When I woke up, everything in my body felt off. I stretched and my legs didn’t even reach the bottom of the bed anymore. I sighed and didn’t even bother opening my eyes. I was so tired. Like, crazy tired. And why was my head throbbing? What was wrong with me? What day was today? Did I have school? Oh my gosh, was I late? Was there an assignment due today? Why was I so tired? Did I work out yesterday? Why was I thinking so much. What the heck was wrong with me?
I shook my head to shake all these extra thoughts out, but they just kept going. It was like a group of preschoolers that wouldn’t shut up. But anyway, back to the morning. It was my birthday. 18 years old, baby. Transition day. Which meant I was 14 again.
And then I remembered.
I was a girl now!
I grabbed my chest and felt two softball-sized water balloons hanging on me. Those were boobs. I had boobs. This was so cool. I reached for my head and felt a bunch of poofyness around it that hadn’t been there before. That was a lot of hair. I felt every inch of my body, my stomach, my thighs, my butt, but I could barely feel anything in these baggy clothes. I must have shrunk overnight. How hot was I now?
I jumped out of bed and ran straight to the bathroom, almost tripping over my pants. I made it to the mirror and looked at myself, expecting to see a teenage Gabrielle Union. Nah, Rihanna. Or maybe a a Beyoncé with a little of Megan Good sprinkled on me. But all I saw was a chubby face with big lips and bumps all over my cheeks. I lifted my shirt and saw a flabby belly underneath.
I was fat.
You gotta be kidding me.
This had to be a joke. They thought they were funny. Make the jock a fat chick? That’s real cool.
I stared at myself in the mirror for a long minute, studying what I had going for me. Or not going for me. My face was puffy. My nose was little and round. My hair was knotted in a basketball-sized afro around my head with more naps than a kindergarten class. The only cool thing that was on me was that one eye was brown and the other was hazel so everyone knew I was a crossover. But other than that, I was looking whack. Forget Beyoncé. I looked more like Jennifer Hudson—before she lost all that weight.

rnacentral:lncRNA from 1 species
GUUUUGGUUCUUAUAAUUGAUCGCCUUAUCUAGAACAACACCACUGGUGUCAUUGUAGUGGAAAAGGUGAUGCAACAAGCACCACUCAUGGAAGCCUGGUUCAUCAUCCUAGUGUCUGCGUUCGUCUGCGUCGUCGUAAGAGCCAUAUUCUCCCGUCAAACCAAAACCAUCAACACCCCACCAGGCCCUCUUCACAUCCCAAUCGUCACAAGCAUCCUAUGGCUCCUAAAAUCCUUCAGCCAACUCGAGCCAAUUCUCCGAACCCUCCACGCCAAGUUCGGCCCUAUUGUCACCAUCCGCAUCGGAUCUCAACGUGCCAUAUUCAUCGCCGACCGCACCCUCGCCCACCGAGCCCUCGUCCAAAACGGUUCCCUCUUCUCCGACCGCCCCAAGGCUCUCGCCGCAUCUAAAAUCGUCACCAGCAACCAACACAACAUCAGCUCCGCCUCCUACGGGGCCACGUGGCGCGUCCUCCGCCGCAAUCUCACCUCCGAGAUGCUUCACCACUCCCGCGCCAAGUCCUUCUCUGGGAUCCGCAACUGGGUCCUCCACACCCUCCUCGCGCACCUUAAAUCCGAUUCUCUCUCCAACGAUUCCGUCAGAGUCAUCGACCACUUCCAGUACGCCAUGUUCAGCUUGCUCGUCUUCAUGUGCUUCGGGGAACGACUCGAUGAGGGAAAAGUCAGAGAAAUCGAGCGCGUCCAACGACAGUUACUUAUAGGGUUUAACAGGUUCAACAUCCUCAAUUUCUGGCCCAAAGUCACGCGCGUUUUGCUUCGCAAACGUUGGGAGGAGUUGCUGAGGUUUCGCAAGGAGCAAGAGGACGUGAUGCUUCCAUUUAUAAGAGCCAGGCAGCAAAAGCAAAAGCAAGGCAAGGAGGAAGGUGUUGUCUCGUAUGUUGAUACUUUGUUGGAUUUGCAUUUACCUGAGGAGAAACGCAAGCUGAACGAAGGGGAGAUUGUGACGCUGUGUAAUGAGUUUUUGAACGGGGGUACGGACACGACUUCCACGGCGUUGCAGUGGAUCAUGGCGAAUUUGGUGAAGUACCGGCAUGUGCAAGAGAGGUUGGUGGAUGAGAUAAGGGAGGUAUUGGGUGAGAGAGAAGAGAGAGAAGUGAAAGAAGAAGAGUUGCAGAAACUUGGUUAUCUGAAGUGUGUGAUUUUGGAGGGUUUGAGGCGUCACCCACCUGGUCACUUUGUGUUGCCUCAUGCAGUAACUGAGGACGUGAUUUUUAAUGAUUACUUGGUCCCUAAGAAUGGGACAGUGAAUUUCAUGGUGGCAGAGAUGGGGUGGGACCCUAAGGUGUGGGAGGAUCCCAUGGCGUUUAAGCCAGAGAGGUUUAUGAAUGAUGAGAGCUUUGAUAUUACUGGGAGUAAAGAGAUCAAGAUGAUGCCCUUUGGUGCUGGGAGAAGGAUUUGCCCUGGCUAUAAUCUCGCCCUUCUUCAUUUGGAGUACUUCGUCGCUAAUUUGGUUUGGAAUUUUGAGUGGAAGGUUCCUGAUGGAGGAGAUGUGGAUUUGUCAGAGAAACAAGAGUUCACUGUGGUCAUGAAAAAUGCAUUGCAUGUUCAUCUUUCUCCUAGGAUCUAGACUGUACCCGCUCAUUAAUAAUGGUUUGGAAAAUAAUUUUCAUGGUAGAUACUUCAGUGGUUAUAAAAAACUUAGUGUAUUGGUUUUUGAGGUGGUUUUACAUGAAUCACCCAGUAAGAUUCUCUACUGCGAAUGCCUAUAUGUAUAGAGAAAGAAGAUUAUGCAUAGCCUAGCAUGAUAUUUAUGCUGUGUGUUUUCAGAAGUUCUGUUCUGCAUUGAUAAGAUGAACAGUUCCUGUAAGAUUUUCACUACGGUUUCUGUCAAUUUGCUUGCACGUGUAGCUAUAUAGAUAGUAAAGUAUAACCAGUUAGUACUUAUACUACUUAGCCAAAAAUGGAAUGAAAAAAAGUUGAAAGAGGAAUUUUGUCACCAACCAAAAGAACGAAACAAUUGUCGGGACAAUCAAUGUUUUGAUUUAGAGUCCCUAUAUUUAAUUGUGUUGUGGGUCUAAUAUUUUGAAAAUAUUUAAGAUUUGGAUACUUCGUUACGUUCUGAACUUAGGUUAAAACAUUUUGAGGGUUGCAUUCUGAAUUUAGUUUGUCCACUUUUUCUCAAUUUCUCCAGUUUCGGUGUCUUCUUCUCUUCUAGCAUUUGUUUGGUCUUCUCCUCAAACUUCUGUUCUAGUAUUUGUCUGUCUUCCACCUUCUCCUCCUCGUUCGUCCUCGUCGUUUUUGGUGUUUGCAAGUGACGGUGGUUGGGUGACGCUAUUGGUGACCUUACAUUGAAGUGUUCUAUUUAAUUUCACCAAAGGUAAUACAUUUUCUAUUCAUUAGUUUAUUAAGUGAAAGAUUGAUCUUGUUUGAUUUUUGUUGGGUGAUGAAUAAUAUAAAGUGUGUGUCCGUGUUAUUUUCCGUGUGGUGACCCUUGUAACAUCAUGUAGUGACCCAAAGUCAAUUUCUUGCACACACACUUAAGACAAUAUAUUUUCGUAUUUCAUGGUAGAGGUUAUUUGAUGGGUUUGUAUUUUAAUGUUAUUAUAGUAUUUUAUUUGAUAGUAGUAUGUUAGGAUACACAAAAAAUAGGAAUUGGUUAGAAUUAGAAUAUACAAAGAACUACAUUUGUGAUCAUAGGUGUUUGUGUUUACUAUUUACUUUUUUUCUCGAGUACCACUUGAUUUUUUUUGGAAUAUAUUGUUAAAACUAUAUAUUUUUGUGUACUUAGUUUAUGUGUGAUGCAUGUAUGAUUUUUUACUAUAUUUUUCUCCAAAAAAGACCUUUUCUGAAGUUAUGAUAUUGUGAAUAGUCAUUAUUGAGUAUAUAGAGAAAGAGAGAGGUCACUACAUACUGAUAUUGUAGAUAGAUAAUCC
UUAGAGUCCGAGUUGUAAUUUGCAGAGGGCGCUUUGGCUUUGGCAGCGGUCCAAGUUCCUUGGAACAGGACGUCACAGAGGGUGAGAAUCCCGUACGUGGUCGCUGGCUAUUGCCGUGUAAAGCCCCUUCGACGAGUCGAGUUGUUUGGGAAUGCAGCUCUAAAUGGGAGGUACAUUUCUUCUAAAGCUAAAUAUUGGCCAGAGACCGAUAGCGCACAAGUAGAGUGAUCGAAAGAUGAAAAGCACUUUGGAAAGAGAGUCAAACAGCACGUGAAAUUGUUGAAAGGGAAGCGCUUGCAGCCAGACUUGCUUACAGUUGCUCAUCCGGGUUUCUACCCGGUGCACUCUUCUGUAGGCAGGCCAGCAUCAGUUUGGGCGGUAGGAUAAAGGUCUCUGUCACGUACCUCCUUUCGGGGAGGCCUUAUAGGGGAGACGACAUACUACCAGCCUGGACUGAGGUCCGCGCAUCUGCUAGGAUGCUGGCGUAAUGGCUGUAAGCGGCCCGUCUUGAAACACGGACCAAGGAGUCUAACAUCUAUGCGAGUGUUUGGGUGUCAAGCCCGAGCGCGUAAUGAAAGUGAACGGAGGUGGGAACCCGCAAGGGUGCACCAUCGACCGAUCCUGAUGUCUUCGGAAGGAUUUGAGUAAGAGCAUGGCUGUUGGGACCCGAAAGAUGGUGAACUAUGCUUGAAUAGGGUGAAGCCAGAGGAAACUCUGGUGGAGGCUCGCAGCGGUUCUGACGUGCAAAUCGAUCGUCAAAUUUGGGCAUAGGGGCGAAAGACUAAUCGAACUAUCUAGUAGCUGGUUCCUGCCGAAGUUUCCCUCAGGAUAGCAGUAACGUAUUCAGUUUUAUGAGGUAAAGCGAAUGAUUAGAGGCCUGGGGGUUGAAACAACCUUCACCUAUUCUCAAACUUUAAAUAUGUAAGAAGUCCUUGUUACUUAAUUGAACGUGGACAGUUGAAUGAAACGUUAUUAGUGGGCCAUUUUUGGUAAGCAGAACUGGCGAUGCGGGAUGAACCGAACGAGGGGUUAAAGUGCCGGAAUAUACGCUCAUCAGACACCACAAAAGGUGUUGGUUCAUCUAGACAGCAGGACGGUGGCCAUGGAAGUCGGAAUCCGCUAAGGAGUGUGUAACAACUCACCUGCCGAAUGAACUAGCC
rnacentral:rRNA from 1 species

“Jamar, get ready!” Mom knocked on the door. “The bus is coming!”
I sucked my teeth and sighed. Great. I dragged my feet back into Jina’s room and looked through her closet. I sorted through dresses, jeans, and skirts, but everything was so flashy and extra and half the stuff didn’t even look like real shapes that clothes were supposed to be in. So I found a pair of sweatpants, a long-sleeve T, and put on her only pair of sneakers. Hot pink. These sneakers were hot pink.
I was about to walk out, but saw my reflection in the window on my way to the door. My hair. I went back to the bathroom and looked at the afro. What was I gonna do with this? I looked like a troll from the 70’s. I went back and looked through Jina’s drawers, looking for a pick. How did this chick not have a pick? Then I remembered that she didn’t have this much hair anymore. I found a drawer full of brushes, combs, ribbons, and a whole bunch of other tools that I’d never seen before. There were sticks with needles on them and what looked like balls of yarn and tiny boxes of different colors. What the heck was all this stuff? I just needed a pick.
I grabbed a brush and started brushing, but it was like mowing a lawn with a toothbrush.
What the actual frick?
“Jamar, the bus is here!”
I sucked my teeth. Screw this. I went back to the mad scientist drawer, grabbed a pink ribbon, then pulled my hair back so it was bunched up into a bun. Then I tied it up with the ribbon and called it a day. I grabbed Jina’s backpack and headed out the door.
Little did I know that this was not gonna be a good day.